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Colour Vision

Did you know that if you have a colour vision problem, or are colour blind, your colour perception can be improved?


Book an eye colour vision test assessment to discover which type of vision problem you have and discover the effect a specific tint can have on your colour perception. Tinted coloured spectacle or contact lenses can help colour stand out more. A specific tint can intensify and make colours appear more vibrant. 79% percent of people note a significant improvement in their colour vision perception, enabling more accurate identification of colours that were previously confused. 95% percent of people who have tried the system recommend it.

We assess colour vision using an Ishihara or a City Colour Vision or the Farnsworth D15 systems, as appropriate.

Here are common questions we are often asked about colour vision:

Why are some people colour blind?

Only 1 in 33,000 are truly colour blind in that they see in shades of grey - this is monochromatism. Most people who have a colour vision problem can see some colour.

Why do some people have this problem?

There are three type of colour vision receptors in the human eye – red, green and blue.

If all three are present in full, you have full colour vision – trichromacy.

If you are missing one colour receptor you are a dichromat.

If you are missing the long wavelength red receptor you are a protanope

If you are missing the mid wavelength green receptor you are a deutranope – this is the commonest cause of vision colour problems.

Both of these conditions – protanopia and deutranopia, result in a similar colour deficiency in the vision. Greens, reds, browns and oranges, purple are hard to perceive. It’s like being in a dark room and looking at these colours. You can tell they are different colours, but you cannot easily identify them.

Green looks like shades of brown, red can look like shades of yellow.

Here is a nice picture, courtesy of The Optician magazine showing how skittles and M&Ms look with full colour perception vs how a deutranope or protanope might see them

Colour Vision Perception of M&Ms

M&Ms seen in (a) normal colour, (b) as through deuteranope filter and (c) through a protanope filter

Colour Eye Vision Perception of Skittles

Skittles (fruit variety) seen in (a) normal colour, (b) as through deuteranope filter and (c) through a protanope filter.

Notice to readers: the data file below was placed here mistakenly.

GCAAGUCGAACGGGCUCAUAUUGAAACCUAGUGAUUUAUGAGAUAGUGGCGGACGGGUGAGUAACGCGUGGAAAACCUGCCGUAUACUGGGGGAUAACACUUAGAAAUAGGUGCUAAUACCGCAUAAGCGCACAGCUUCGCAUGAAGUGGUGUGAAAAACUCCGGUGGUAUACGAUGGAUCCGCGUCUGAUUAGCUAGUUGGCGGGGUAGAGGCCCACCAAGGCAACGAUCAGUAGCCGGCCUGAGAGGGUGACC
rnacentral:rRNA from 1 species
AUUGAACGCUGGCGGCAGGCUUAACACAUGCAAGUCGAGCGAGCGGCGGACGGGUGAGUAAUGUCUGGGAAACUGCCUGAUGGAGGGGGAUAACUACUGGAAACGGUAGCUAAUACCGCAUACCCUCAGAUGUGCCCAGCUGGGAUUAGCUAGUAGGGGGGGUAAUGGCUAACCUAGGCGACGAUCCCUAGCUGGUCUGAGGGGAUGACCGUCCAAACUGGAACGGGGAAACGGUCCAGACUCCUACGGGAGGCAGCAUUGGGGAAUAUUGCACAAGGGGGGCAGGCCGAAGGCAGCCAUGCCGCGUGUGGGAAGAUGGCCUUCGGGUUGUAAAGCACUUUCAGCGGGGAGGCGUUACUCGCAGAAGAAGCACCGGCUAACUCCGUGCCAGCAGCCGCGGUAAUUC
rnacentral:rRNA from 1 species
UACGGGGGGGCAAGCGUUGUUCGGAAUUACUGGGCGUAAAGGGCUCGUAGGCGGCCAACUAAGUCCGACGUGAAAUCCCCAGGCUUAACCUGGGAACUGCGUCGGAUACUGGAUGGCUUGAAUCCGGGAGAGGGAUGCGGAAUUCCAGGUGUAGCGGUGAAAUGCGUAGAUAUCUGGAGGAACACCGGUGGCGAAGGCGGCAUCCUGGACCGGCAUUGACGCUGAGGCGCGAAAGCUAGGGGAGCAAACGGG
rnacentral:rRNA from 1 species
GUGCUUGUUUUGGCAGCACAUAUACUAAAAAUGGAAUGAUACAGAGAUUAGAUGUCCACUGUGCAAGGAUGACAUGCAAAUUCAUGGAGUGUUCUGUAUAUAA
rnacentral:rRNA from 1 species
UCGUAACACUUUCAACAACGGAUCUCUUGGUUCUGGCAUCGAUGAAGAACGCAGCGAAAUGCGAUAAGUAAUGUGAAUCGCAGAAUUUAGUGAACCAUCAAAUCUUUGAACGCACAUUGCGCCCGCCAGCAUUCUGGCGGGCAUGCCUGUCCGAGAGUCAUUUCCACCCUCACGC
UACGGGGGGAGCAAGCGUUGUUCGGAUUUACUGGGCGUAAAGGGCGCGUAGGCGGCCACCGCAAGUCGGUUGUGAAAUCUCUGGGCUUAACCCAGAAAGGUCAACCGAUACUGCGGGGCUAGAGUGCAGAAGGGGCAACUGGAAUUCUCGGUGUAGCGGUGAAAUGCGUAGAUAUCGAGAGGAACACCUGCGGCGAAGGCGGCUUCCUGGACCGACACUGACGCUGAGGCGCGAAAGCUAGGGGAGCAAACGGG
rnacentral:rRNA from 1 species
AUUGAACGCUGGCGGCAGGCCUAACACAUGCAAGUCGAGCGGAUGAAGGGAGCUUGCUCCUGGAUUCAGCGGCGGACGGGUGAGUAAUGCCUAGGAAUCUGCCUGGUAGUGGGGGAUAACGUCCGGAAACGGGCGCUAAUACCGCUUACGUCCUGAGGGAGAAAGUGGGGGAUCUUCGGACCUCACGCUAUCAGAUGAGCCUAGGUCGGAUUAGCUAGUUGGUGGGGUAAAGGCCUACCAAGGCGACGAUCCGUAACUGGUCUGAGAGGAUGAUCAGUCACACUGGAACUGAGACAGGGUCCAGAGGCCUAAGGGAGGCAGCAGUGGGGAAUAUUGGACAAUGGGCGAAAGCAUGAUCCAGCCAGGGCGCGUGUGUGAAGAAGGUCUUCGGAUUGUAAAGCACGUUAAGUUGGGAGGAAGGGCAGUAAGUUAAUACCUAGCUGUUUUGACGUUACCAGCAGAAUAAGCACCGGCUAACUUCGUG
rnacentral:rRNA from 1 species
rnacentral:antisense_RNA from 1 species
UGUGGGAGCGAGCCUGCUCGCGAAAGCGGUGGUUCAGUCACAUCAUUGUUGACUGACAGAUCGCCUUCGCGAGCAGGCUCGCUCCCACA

If you are missing the short wavelength blue receptor, you are a tritanope and you might confuse orange with red, mid green with blue, light blue with grey or dark purple with black.


What causes a colour blind vision problem?

Red / green colour deficiency is a common inherited condition – it’s passed down from your parents and grandparents.

8% males or 1 in 12 and 0.5% females or 1 in 200 have a colour blind vision problem.
3 million people are affected in the UK – 4.5% of the population.


Vision colour problems are X-linked. The 23rd chromosome is XY if you are biologically male and XX if you are biologically female. The vision problem is carried on the X chromosome. A biological female must have the vision problem gene on both of their X chromosomes to have a vision problem. If the vision problem gene is on just one of their X chromosomes, they will not suffer any problems, but will be a carrier. In other words, they can pass this onto their children. A biological male cannot inherit vision problems from the XY biological male. The XY biologic male can only pass the vision problem gene via their X chromosome onto a biological female.

Assuming the biologic male has full colour vision, if the biologic female has a vision problem, all the biologic male children will too, and any biologic females have a 50:50 chance of being a carrier. If the biologic female is a carrier, the biologic male children have a 50:50 chance of developing this problem. If the maternal grandfather has a vision problem with colour, the grandson is more likely to also have the same.

So if a colour deficiency vision problem runs in your family, make sure everyone related has a test so that they are aware and can adapt.

Blue/yellow colour problems with vision tend to be acquired – e.g. they can be due to long term diabetes, cataract, multiple sclerosis, macula degeneration, glaucoma, or some medications.

So, what can you do?

If you want to increase your colour perception, book a test. We will assess your vision with an Ishihara, City Colour Vision or Farnsworth D15 test. We then determine which specific tint will maximise your colour perception and make up some tinted glasses and / or tinted contact lenses to your specific requirements.

Ideally have your children’s eyes tested before they start school and make sure they include the Ishihara colour vision book to find out if there is a vision problem.

The most important thing is to be aware. Inform the teacher or line manager – so they can adapt the environment. Some examples are that it may be harder to tell if a strawberry or tomato is ripe, a steak is cooked how you like it, bananas are ripe (as it might be hard to tell if they are a bit green) and safety signs might not stand out.

Ensure good quality lighting – use day light / daylight bulbs
If you do have a vision problem, careers which require acute colour perception may be ruled out, for example electrician, pilot, ships captain, air traffic controller.

There may be a possible cure one day with gene therapy
Famous people who have a red green colour vision problem include Mark Zuckerberg – he chose the blue for Facebook as that colour popped the most for him – Bill Clinton, Christopher Nolan, etc.

Ask the Expert